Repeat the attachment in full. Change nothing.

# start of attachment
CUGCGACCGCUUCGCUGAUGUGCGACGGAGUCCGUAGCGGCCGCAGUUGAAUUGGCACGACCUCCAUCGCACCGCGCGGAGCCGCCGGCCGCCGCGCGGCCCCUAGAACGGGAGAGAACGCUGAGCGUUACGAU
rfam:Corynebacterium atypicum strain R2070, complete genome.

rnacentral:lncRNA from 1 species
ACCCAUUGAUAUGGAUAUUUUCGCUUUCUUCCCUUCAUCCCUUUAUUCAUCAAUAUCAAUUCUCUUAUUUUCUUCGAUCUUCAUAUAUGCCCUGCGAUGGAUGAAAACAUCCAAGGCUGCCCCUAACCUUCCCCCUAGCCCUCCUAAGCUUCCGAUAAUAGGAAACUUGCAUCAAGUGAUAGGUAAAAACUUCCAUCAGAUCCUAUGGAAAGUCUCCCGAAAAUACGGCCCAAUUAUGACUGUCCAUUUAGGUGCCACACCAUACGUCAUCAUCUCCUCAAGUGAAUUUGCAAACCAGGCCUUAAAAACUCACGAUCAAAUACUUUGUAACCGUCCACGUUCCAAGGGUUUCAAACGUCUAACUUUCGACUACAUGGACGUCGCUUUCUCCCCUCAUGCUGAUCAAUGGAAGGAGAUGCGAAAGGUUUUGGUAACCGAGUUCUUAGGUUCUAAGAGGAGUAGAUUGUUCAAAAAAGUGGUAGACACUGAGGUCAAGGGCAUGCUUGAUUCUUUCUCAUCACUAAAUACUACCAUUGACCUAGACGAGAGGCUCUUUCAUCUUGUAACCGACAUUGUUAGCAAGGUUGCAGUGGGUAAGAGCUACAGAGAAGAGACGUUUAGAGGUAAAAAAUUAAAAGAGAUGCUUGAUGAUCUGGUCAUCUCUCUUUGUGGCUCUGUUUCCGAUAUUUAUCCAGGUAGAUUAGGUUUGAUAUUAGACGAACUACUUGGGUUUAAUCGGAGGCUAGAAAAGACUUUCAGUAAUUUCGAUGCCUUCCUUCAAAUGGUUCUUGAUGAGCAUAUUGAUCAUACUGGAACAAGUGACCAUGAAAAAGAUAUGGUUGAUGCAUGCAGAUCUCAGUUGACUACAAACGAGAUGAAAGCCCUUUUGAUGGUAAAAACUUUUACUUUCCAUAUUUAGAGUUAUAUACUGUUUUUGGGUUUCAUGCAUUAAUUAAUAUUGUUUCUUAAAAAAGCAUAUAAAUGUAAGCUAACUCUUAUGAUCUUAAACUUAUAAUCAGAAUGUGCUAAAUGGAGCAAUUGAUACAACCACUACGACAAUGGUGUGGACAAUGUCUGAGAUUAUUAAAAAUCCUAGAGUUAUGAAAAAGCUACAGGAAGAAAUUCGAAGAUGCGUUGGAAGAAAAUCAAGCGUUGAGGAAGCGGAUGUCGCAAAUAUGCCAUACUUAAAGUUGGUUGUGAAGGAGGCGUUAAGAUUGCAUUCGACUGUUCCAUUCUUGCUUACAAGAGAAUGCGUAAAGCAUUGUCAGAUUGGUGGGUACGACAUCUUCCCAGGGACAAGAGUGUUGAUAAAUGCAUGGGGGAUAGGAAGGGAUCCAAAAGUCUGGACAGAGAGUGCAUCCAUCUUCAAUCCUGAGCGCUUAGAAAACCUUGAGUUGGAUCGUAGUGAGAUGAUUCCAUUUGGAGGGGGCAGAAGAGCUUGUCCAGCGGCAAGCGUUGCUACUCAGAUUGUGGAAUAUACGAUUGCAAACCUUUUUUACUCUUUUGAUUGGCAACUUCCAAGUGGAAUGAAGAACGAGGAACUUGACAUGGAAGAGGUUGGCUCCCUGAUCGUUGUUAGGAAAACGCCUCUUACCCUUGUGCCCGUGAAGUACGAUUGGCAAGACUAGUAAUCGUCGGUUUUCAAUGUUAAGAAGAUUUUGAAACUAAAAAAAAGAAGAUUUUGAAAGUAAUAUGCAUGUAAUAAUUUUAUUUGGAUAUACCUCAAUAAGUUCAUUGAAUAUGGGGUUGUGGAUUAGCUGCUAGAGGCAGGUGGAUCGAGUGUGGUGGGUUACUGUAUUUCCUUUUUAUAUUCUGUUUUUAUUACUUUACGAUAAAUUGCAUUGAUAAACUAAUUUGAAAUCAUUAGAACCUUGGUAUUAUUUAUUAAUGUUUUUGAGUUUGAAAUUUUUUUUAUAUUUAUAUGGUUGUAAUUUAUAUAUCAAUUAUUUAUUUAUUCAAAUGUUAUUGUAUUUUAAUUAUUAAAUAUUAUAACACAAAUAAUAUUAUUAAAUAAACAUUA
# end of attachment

CUGCGACCGCUUCGCUGAUGUGCGACGGAGUCCGUAGCGGCCGCAGUUGAAUUGGCACGACCUCCAUCGCACCGCGCGGAGCCGCCGGCCGCCGCGCGGCCCCUAGAACGGGAGAGAACGCUGAGCGUUACGAU
rfam:Corynebacterium atypicum strain R2070, complete genome.

rnacentral:lncRNA from 1 species
ACCCAUUGAUAUGGAUAUUUUCGCUUUCUUCCCUUCAUCCCUUUAUUCAUCAAUAUCAAUUCUCUUAUUUUCUUCGAUCUUCAUAUAUGCCCUGCGAUGGAUGAAAACAUCCAAGGCUGCCCCUAACCUUCCCCCUAGCCCUCCUAAGCUUCCGAUAAUAGGAAACUUGCAUCAAGUGAUAGGUAAAAACUUCCAUCAGAUCCUAUGGAAAGUCUCCCGAAAAUACGGCCCAAUUAUGACUGUCCAUUUAGGUGCCACACCAUACGUCAUCAUCUCCUCAAGUGAAUUUGCAAACCAGGCCUUAAAAACUCACGAUCAAAUACUUUGUAACCGUCCACGUUCCAAGGGUUUCAAACGUCUAACUUUCGACUACAUGGACGUCGCUUUCUCCCCUCAUGCUGAUCAAUGGAAGGAGAUGCGAAAGGUUUUGGUAACCGAGUUCUUAGGUUCUAAGAGGAGUAGAUUGUUCAAAAAAGUGGUAGACACUGAGGUCAAGGGCAUGCUUGAUUCUUUCUCAUCACUAAAUACUACCAUUGACCUAGACGAGAGGCUCUUUCAUCUUGUAACCGACAUUGUUAGCAAGGUUGCAGUGGGUAAGAGCUACAGAGAAGAGACGUUUAGAGGUAAAAAAUUAAAAGAGAUGCUUGAUGAUCUGGUCAUCUCUCUUUGUGGCUCUGUUUCCGAUAUUUAUCCAGGUAGAUUAGGUUUGAUAUUAGACGAACUACUUGGGUUUAAUCGGAGGCUAGAAAAGACUUUCAGUAAUUUCGAUGCCUUCCUUCAAAUGGUUCUUGAUGAGCAUAUUGAUCAUACUGGAACAAGUGACCAUGAAAAAGAUAUGGUUGAUGCAUGCAGAUCUCAGUUGACUACAAACGAGAUGAAAGCCCUUUUGAUGGUAAAAACUUUUACUUUCCAUAUUUAGAGUUAUAUACUGUUUUUGGGUUUCAUGCAUUAAUUAAUAUUGUUUCUUAAAAAAGCAUAUAAAUGUAAGCUAACUCUUAUGAUCUUAAACUUAUAAUCAGAAUGUGCUAAAUGGAGCAAUUGAUACAACCACUACGACAAUGGUGUGGACAAUGUCUGAGAUUAUUAAAAAUCCUAGAGUUAUGAAAAAGCUACAGGAAGAAAUUCGAAGAUGCGUUGGAAGAAAAUCAAGCGUUGAGGAAGCGGAUGUCGCAAAUAUGCCAUACUUAAAGUUGGUUGUGAAGGAGGCGUUAAGAUUGCAUUCGACUGUUCCAUUCUUGCUUACAAGAGAAUGCGUAAAGCAUUGUCAGAUUGGUGGGUACGACAUCUUCCCAGGGACAAGAGUGUUGAUAAAUGCAUGGGGGAUAGGAAGGGAUCCAAAAGUCUGGACAGAGAGUGCAUCCAUCUUCAAUCCUGAGCGCUUAGAAAACCUUGAGUUGGAUCGUAGUGAGAUGAUUCCAUUUGGAGGGGGCAGAAGAGCUUGUCCAGCGGCAAGCGUUGCUACUCAGAUUGUGGAAUAUACGAUUGCAAACCUUUUUUACUCUUUUGAUUGGCAACUUCCAAGUGGAAUGAAGAACGAGGAACUUGACAUGGAAGAGGUUGGCUCCCUGAUCGUUGUUAGGAAAACGCCUCUUACCCUUGUGCCCGUGAAGUACGAUUGGCAAGACUAGUAAUCGUCGGUUUUCAAUGUUAAGAAGAUUUUGAAACUAAAAAAAAGAAGAUUUUGAAAGUAAUAUGCAUGUAAUAAUUUUAUUUGGAUAUACCUCAAUAAGUUCAUUGAAUAUGGGGUUGUGGAUUAGCUGCUAGAGGCAGGUGGAUCGAGUGUGGUGGGUUACUGUAUUUCCUUUUUAUAUUCUGUUUUUAUUACUUUACGAUAAAUUGCAUUGAUAAACUAAUUUGAAAUCAUUAGAACCUUGGUAUUAUUUAUUAAUGUUUUUGAGUUUGAAAUUUUUUUUAUAUUUAUAUGGUUGUAAUUUAUAUAUCAAUUAUUUAUUUAUUCAAAUGUUAUUGUAUUUUAAUUAUUAAAUAUUAUAACACAAAUAAUAUUAUUAAAUAAACAUUA